Kia’s AWD Sorento R
It’s no accident that Kia has just received a top ten ranking in the prestigious JD Powers worldwide satisfaction survey. Beating out many luxury European brands, the car maker that could now does. Forget your decade old preconceptions; Kia is now up there with the best in the world and beating them. Thanks to its strong suit, the two AWDs in the range, Kia can rightly claim to be class leading.
And it is these two vehicles that provide Kia’s mainstay in sales in New Zealand and several other countries.
I attended the launch of the latest and now fourth generation Sorento R in Rotorua and Tauranga recently to find out how much they’d moved on from the previous generation.
To the casual observer the new model looks much like the outgoing one and that’s no bad thing as it was excellent and had held its ‘looks’. Though, there are some styling cues that give it away. Changed are the grill and front treatment and the rear lights as well as riding 10mm lower, more on that later. All versions run on alloy wheels 17s for the petrol model and either 18 or 19 inch for the diesels.
The biggest changes come under the bonnet and with increased electronic wizardry as well as a new top model called the Premium.
The biggest change – the adoption of electric power steering and the deletion of a hill descent control – hints at the market profile Kia expects this softer Sorento to appeal to.
To prove that it will still cut it in the rough and tumble off road conditions, Kia New Zealand were keen for us to hoof it off road a bit and we ventured into the Mamaku Forest. The deeply rutted tracks with very wet and muddy tunnels on the forestry roads kept us on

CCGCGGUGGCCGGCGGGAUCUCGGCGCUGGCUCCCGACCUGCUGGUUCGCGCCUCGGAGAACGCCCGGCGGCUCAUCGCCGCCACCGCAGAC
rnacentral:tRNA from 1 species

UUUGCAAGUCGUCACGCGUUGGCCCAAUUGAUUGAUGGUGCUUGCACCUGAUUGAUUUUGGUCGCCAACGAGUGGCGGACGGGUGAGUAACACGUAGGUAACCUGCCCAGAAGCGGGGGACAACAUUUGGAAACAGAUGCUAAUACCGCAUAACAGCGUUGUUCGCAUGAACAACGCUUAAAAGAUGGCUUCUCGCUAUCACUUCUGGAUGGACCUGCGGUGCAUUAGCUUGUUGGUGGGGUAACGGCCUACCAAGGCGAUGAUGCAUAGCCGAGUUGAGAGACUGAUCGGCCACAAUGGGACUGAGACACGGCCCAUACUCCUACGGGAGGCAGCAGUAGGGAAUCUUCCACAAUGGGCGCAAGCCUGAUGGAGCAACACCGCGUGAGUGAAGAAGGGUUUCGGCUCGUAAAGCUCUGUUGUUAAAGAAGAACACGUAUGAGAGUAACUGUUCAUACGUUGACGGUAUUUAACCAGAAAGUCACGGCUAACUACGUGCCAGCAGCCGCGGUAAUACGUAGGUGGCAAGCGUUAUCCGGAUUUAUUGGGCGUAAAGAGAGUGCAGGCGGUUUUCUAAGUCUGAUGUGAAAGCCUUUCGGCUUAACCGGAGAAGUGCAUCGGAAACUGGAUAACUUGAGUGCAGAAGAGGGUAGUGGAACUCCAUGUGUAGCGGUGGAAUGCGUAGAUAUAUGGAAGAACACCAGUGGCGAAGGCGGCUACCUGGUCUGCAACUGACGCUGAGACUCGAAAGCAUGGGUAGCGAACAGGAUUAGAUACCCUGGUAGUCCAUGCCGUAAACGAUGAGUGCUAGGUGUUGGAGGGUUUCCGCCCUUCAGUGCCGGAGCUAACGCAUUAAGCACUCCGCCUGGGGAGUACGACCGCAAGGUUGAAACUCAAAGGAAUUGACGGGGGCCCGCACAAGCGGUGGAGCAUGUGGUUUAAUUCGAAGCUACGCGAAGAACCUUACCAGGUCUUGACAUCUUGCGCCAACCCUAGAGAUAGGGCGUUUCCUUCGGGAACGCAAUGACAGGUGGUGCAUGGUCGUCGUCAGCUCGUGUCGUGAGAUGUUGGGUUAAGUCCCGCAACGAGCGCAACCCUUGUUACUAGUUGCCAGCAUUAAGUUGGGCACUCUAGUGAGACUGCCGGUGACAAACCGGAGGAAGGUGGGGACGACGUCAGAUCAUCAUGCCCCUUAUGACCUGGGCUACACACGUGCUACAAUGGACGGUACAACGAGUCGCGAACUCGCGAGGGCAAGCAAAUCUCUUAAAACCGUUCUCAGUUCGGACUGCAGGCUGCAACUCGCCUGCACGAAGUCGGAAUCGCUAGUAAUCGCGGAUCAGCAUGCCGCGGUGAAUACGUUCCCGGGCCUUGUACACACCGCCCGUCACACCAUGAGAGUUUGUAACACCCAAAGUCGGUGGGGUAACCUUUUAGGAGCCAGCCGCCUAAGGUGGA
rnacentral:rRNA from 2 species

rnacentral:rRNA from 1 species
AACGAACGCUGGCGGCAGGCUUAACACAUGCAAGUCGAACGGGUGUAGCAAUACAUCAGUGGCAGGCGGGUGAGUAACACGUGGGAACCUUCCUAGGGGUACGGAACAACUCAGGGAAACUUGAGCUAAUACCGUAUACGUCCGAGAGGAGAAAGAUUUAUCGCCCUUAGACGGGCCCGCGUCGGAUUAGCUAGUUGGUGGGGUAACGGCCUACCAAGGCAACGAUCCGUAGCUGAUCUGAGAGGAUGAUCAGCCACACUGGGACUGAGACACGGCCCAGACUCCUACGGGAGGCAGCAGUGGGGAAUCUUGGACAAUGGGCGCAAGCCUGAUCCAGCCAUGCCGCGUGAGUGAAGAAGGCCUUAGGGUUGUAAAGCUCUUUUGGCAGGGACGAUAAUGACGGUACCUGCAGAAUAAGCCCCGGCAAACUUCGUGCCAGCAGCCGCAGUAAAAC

our toes as we navigated the obstacles with no damage or unintended stops for stuck vehicles.
Kia must have been keen to demonstrate just how clean the flanks of the Sorento stay in such conditions giving us a fleet of new black test vehicles. Still we managed to find dust and some very muddy undersides for the groomers to earn their keep on.
What was surprising was just how capable this single range 6 speed auto was off road. There were a few areas off limits to us though for some very inexperienced motor noters used to motorways not goat tracks, the going was tough enough.
Later I had both a white and a black one at home, a Premium top model allowing me to test its off road cred more thoroughly and with the safety of the tractor, should I ‘overcook’ the capabilities. Not only did it cope with steep uphill rutted tracks on the home farm, I found that despite the omission of low ratio and a lowered ride height to 180mm, it still outperforms most of the (soft roaders) competition off road.